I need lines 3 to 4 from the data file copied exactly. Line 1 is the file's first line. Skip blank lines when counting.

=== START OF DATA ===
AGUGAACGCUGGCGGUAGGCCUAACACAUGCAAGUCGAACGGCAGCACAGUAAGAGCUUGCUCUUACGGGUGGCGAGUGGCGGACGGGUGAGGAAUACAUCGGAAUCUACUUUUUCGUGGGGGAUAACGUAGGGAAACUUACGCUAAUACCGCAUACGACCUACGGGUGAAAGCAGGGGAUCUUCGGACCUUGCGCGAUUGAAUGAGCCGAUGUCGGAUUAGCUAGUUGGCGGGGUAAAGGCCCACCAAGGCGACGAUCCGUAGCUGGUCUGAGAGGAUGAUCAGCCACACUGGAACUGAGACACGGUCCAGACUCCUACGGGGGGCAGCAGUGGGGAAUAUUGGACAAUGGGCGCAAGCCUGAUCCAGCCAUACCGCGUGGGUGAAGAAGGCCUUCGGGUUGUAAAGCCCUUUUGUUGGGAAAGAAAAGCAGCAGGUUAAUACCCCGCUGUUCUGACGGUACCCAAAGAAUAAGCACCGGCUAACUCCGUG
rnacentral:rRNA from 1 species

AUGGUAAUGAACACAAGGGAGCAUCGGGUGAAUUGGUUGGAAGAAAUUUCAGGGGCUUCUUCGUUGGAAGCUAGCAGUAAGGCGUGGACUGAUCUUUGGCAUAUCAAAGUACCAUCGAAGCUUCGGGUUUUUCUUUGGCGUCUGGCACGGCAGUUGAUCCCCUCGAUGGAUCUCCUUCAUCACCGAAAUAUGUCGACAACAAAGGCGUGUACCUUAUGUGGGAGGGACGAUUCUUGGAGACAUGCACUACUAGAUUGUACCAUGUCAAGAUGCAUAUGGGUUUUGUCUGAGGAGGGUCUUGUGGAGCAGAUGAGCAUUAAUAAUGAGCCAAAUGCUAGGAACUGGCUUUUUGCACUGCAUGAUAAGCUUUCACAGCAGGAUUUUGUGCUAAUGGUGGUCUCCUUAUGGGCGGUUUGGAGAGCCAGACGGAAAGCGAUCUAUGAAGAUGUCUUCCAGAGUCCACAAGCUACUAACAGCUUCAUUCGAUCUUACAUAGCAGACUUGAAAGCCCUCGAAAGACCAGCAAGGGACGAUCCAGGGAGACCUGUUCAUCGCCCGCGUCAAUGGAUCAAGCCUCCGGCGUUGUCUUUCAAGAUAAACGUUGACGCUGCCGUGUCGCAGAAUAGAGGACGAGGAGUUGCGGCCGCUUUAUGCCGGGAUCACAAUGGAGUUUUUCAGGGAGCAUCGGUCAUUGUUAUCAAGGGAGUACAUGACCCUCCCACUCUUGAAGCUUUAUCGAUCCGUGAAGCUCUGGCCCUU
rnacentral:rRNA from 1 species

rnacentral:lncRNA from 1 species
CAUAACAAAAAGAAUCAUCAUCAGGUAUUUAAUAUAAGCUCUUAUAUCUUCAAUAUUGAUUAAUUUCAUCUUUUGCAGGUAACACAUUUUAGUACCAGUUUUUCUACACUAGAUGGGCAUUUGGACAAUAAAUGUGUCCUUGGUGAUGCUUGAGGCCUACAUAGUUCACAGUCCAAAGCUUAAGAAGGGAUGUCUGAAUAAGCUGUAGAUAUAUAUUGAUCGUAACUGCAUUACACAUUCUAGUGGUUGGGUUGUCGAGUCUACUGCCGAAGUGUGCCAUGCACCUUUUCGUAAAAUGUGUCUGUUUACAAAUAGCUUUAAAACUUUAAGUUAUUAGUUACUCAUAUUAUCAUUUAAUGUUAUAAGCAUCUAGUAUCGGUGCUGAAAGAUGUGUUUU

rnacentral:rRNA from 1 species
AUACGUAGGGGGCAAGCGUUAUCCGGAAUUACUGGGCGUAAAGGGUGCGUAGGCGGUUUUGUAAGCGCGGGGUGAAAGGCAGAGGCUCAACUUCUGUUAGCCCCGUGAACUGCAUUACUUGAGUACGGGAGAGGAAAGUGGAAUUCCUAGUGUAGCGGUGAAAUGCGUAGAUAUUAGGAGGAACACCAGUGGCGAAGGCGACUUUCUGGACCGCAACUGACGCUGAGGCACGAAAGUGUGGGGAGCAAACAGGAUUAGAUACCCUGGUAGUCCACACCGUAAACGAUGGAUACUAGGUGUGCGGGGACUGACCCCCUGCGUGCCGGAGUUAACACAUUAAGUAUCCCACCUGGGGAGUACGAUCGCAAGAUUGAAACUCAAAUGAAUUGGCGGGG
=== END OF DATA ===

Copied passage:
AUGGUAAUGAACACAAGGGAGCAUCGGGUGAAUUGGUUGGAAGAAAUUUCAGGGGCUUCUUCGUUGGAAGCUAGCAGUAAGGCGUGGACUGAUCUUUGGCAUAUCAAAGUACCAUCGAAGCUUCGGGUUUUUCUUUGGCGUCUGGCACGGCAGUUGAUCCCCUCGAUGGAUCUCCUUCAUCACCGAAAUAUGUCGACAACAAAGGCGUGUACCUUAUGUGGGAGGGACGAUUCUUGGAGACAUGCACUACUAGAUUGUACCAUGUCAAGAUGCAUAUGGGUUUUGUCUGAGGAGGGUCUUGUGGAGCAGAUGAGCAUUAAUAAUGAGCCAAAUGCUAGGAACUGGCUUUUUGCACUGCAUGAUAAGCUUUCACAGCAGGAUUUUGUGCUAAUGGUGGUCUCCUUAUGGGCGGUUUGGAGAGCCAGACGGAAAGCGAUCUAUGAAGAUGUCUUCCAGAGUCCACAAGCUACUAACAGCUUCAUUCGAUCUUACAUAGCAGACUUGAAAGCCCUCGAAAGACCAGCAAGGGACGAUCCAGGGAGACCUGUUCAUCGCCCGCGUCAAUGGAUCAAGCCUCCGGCGUUGUCUUUCAAGAUAAACGUUGACGCUGCCGUGUCGCAGAAUAGAGGACGAGGAGUUGCGGCCGCUUUAUGCCGGGAUCACAAUGGAGUUUUUCAGGGAGCAUCGGUCAUUGUUAUCAAGGGAGUACAUGACCCUCCCACUCUUGAAGCUUUAUCGAUCCGUGAAGCUCUGGCCCUU
rnacentral:rRNA from 1 species